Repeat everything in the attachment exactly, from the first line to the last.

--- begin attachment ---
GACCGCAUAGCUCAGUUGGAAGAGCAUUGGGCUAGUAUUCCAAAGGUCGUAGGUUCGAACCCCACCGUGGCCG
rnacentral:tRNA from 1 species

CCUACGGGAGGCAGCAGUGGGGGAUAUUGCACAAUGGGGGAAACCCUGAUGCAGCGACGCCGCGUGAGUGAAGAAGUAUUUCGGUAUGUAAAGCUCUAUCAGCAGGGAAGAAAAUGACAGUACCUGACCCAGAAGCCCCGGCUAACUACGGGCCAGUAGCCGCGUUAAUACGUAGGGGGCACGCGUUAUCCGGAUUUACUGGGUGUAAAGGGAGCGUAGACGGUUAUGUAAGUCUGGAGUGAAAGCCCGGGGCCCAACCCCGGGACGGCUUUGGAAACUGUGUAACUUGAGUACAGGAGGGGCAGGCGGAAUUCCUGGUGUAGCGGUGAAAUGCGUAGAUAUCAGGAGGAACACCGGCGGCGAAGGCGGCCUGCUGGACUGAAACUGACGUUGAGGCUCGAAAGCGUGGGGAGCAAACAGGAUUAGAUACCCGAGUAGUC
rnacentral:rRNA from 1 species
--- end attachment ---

GACCGCAUAGCUCAGUUGGAAGAGCAUUGGGCUAGUAUUCCAAAGGUCGUAGGUUCGAACCCCACCGUGGCCG
rnacentral:tRNA from 1 species

CCUACGGGAGGCAGCAGUGGGGGAUAUUGCACAAUGGGGGAAACCCUGAUGCAGCGACGCCGCGUGAGUGAAGAAGUAUUUCGGUAUGUAAAGCUCUAUCAGCAGGGAAGAAAAUGACAGUACCUGACCCAGAAGCCCCGGCUAACUACGGGCCAGUAGCCGCGUUAAUACGUAGGGGGCACGCGUUAUCCGGAUUUACUGGGUGUAAAGGGAGCGUAGACGGUUAUGUAAGUCUGGAGUGAAAGCCCGGGGCCCAACCCCGGGACGGCUUUGGAAACUGUGUAACUUGAGUACAGGAGGGGCAGGCGGAAUUCCUGGUGUAGCGGUGAAAUGCGUAGAUAUCAGGAGGAACACCGGCGGCGAAGGCGGCCUGCUGGACUGAAACUGACGUUGAGGCUCGAAAGCGUGGGGAGCAAACAGGAUUAGAUACCCGAGUAGUC
rnacentral:rRNA from 1 species